Crossan argues that the only purpose of any parable is to take us somewhere else. They are intended to be participatory. A wise man was once asked where he was going? His answer, “Not here.” Jesus was calling us on such a participatory journey. Where are we going? Not here: a place where the poor are ignored, the hungry are unfed, the innocent are persecuted, war is acceptable, injustice is justified - even in Scripture. Jesus as parable reminds us that God’s kingdom is not an act of unilateral intervention by divinity, but an act of bilateral cooperation between divinity and humanity. In Desmond Tutu’s words, “God, without us, will not; as we without God cannot.”
I would like to end the sermon here, but there is still the matter of the cross. While Jesus was a challenge parable, challenge parables can be morphed into attack parables, from nonviolent teachings into ones that sanction violence. Jesus as a challenge parable opposed violence without joining it. Crossan makes the case that John’s Gospel was an attack parable on Mark, Matthew and Luke. John morphs a very human Jesus into a mostly divine one. He takes aim not only in attacking the Pharisaic Jews like Matthew and Luke, but Jews as a group. John attacks the Roman Empire as well, and he does this by turning Jesus into an attack parable.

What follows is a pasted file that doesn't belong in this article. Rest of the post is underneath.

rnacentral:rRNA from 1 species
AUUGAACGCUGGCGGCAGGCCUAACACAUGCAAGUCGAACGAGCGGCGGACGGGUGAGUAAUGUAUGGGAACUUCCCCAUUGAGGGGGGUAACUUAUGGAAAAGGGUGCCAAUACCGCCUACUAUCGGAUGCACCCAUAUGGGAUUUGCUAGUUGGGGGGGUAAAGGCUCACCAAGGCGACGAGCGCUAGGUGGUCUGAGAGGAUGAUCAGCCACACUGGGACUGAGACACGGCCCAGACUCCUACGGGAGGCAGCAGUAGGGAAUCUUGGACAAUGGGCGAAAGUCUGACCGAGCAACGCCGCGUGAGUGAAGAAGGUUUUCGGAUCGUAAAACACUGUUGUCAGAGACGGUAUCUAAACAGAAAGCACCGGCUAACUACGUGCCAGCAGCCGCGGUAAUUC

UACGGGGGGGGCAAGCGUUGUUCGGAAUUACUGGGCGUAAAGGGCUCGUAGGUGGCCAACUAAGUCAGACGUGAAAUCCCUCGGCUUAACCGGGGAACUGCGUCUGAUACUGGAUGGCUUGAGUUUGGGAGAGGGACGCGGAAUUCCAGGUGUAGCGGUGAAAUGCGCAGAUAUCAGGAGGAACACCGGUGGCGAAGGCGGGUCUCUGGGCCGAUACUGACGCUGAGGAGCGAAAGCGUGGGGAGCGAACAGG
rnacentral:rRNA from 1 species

The cross is now not just a cruel form of execution. It becomes, as with the Emperor Constantine, a symbol of divine violence. His motto for the empire became, “in this sign conquer.” Thanks to John and the Book of Revelation (the most violent book of the Bible), the cross was transformed into an emblem of Christian triumphalism, forged, according to Robert Funk, “in the fires of the late Roman empire, in the process of a military victory.” [iii] Amongst those fires were the Crusades, the Inquisition and Auschwitz. It came to symbolise the dehumanization of indigenous peoples, the permission of slavery, the depowering of women, and today, the ostracising gays and lesbians. It gave us “Onward Christian Soldiers” “and shaped a creedal Christianity that left a human Jesus completely out of the picture.” [iv]
So, if we pick up a cross, let it not be the one of an attacking parable, but of a challenging one. The one a nonviolent Jesus did not shy away from so he could rob a violent, unjust kingdom of its power. Let us pick up the one he accepted fearlessly in the name of love, in order that the kingdom may live in us and we in it.
[i] Crossan, John Dominic. The Power of Parable. HarperOne: 2012 p 29
[ii] Ibid. p 34
[iii] Funk, R. W. 2002 A credible Jesus. Fragmeents of a vision. CA: Santa Rosa. Polebridge Press
Preached at St Peter's, Wellington by the retired Assisting Bishop of Auckland
Same-sex relationships and gay marriage have been very much in the news, dividing the Anglican Communion painfully and harmfully for over a decade. The situation has now intensified with the debate about gay marriage in Parliament, as well as in Christian communities. This morning I want to share with you why I feel a gay marriage can be consistent with Christian principles, and how I have come to this point of view over a period of many years.